Date: Sat, Apr 25, 2009 at 9:30 PM
To: Satoshi Nakamoto <email@example.com>
I just read the following wiki page:
which claims that “U.S. debit card holders are guaranteed
rights by Federal Reserve Regulation E under the Electronic Funds
Transfer Act. Similar rights extend globally pursuant to the rules
established by the corresponding card association or bank network.”
The “Electronic Funds Transfer Act” sounds awfully
generic, do you
think it’d apply to BitCoin? If so, would the inability to do
chargebacks risk making it illegal?
From: Satoshi Nakamoto <firstname.lastname@example.org>
Date: Mon, Apr 27, 2009 at 12:11 AM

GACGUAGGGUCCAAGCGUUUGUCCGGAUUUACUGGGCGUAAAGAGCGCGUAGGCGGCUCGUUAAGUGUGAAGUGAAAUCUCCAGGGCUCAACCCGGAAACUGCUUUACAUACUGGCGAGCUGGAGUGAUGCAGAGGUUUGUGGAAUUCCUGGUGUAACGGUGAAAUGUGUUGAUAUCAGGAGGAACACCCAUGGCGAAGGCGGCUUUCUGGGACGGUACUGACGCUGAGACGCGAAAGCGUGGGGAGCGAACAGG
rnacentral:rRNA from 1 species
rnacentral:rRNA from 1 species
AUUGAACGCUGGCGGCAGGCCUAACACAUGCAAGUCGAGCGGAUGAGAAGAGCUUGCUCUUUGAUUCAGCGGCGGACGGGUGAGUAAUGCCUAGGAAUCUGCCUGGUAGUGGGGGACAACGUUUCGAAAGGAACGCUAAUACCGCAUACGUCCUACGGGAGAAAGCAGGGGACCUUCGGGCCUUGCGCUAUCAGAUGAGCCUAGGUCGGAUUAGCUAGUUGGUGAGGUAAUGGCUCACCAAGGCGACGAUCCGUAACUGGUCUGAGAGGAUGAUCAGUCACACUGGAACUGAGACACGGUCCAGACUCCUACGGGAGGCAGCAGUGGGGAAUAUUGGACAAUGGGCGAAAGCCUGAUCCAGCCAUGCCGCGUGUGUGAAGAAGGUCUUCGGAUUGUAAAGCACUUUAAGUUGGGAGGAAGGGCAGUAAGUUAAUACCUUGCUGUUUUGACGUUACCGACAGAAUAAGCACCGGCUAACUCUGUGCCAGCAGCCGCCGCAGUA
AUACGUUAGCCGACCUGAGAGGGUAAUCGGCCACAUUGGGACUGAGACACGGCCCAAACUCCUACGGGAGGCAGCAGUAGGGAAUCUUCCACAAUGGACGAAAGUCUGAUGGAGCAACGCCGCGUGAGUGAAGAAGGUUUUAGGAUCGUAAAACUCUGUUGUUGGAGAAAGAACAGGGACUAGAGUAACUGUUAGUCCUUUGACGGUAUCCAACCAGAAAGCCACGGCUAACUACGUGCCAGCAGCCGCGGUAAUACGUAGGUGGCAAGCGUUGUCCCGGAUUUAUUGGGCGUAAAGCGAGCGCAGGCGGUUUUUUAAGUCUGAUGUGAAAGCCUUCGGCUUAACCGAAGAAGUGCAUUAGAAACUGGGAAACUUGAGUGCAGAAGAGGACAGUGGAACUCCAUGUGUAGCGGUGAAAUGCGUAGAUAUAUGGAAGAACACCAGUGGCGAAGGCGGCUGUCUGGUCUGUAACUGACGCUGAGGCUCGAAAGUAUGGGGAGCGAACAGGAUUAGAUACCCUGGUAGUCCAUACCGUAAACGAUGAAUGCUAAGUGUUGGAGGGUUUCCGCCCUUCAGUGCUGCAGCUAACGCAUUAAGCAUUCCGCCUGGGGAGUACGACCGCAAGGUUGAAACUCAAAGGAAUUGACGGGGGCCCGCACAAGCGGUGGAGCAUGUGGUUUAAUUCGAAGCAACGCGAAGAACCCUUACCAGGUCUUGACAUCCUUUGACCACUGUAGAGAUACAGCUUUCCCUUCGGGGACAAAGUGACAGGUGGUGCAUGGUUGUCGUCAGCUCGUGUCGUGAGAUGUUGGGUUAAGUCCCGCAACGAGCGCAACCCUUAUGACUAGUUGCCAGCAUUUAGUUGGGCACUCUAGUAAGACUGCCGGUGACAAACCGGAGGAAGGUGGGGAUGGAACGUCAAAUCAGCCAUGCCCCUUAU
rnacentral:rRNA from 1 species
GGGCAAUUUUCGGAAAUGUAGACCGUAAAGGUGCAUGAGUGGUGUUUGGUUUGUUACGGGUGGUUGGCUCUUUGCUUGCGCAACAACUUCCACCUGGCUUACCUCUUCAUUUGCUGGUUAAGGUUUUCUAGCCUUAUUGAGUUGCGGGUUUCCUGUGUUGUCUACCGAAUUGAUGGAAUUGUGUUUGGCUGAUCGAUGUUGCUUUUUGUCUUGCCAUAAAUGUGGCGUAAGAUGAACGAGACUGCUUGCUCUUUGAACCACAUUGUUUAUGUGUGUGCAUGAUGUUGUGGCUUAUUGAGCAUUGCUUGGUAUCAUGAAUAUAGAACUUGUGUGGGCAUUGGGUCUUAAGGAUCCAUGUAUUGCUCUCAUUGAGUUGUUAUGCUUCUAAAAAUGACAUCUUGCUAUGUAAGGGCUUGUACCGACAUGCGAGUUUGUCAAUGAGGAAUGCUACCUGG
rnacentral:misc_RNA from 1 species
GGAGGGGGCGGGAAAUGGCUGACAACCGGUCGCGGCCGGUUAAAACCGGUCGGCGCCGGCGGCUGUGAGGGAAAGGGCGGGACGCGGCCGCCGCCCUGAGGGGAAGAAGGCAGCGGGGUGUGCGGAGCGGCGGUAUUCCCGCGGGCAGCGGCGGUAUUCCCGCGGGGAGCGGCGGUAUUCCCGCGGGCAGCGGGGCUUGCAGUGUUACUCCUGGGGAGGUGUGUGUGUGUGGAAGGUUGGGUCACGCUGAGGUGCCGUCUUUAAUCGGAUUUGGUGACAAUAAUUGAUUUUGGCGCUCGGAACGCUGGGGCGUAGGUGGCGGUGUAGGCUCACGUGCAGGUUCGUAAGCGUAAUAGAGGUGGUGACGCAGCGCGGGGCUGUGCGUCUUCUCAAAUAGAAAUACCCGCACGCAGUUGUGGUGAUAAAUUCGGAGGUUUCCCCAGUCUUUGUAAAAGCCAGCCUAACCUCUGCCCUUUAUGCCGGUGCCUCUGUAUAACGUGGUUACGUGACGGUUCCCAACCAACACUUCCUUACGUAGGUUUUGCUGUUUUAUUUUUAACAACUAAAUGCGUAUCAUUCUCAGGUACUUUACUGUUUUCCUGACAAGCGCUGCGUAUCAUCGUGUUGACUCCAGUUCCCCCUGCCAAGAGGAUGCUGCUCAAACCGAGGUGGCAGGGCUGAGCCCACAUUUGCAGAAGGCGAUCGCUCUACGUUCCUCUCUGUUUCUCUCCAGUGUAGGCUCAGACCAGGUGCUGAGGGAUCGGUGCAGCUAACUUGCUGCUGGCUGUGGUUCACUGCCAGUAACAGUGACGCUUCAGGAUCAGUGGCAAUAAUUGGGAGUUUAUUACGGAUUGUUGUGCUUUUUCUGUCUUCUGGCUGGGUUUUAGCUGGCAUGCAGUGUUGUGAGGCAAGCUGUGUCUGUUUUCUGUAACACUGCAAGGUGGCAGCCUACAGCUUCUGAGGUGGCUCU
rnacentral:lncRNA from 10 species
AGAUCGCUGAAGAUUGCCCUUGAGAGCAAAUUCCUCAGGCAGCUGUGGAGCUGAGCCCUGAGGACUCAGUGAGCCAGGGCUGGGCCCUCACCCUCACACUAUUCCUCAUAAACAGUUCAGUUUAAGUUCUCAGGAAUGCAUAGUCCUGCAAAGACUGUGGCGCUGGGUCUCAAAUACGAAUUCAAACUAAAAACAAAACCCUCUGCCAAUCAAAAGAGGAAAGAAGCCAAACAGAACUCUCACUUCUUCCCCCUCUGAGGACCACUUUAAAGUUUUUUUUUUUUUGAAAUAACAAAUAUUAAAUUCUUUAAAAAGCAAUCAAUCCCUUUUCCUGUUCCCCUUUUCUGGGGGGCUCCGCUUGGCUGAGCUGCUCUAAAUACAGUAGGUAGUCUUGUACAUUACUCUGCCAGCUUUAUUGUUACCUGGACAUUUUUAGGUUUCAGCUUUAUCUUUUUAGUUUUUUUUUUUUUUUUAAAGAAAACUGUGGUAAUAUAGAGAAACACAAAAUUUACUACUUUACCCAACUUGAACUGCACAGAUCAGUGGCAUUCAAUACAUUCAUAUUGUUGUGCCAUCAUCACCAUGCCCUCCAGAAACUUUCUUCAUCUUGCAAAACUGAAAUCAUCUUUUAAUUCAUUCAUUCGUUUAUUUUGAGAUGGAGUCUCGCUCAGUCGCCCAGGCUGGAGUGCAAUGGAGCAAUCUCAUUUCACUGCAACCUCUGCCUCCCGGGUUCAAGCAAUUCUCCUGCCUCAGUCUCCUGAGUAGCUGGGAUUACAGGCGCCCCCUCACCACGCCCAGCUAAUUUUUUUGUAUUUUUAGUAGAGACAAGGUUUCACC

To: Mike Hearn <email@example.com>
I am not a lawyer and I can’t possibly answer that. I suppose if the law applies to a bank or financial institution or other intermediary, then it would not apply since there is no bank involved, only two parties trading directly with each other, as they would in person with cash or barter with physical commodities.
Bitcoin is fundamentally designed to be able to do non-reversible transactions, and there certainly are applications that need that.
If someone wants the possibility of chargeback, they can use an escrow transaction, which isn’t implemented yet but will be one of the next things. For instance, a transaction can be written to designate a third party to decide whether it is returned if the payer does not release it, with auto-release after a number of days. I’ll implement a more basic form of escrow first, but the network infrastructure includes a predicate language that can express any number of options.